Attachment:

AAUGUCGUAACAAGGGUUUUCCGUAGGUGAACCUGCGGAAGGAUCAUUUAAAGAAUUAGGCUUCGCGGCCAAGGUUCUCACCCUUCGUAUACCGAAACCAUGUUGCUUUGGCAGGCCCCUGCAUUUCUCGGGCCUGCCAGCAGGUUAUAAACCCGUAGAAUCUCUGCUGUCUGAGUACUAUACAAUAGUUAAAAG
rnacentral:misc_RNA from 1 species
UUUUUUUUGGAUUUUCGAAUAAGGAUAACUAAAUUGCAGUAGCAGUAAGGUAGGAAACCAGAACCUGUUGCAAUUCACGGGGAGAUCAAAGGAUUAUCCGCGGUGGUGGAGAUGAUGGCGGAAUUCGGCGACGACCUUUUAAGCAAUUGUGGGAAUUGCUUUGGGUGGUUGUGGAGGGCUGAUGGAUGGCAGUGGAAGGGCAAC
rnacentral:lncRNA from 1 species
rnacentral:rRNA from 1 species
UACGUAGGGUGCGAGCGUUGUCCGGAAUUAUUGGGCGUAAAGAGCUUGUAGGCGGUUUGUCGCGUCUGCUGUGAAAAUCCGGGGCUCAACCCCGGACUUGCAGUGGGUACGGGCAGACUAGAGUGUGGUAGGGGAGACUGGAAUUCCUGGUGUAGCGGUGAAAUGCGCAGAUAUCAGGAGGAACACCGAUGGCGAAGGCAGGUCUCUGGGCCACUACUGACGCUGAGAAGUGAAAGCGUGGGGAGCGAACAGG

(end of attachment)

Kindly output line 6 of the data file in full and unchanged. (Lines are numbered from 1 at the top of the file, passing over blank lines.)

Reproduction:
UACGUAGGGUGCGAGCGUUGUCCGGAAUUAUUGGGCGUAAAGAGCUUGUAGGCGGUUUGUCGCGUCUGCUGUGAAAAUCCGGGGCUCAACCCCGGACUUGCAGUGGGUACGGGCAGACUAGAGUGUGGUAGGGGAGACUGGAAUUCCUGGUGUAGCGGUGAAAUGCGCAGAUAUCAGGAGGAACACCGAUGGCGAAGGCAGGUCUCUGGGCCACUACUGACGCUGAGAAGUGAAAGCGUGGGGAGCGAACAGG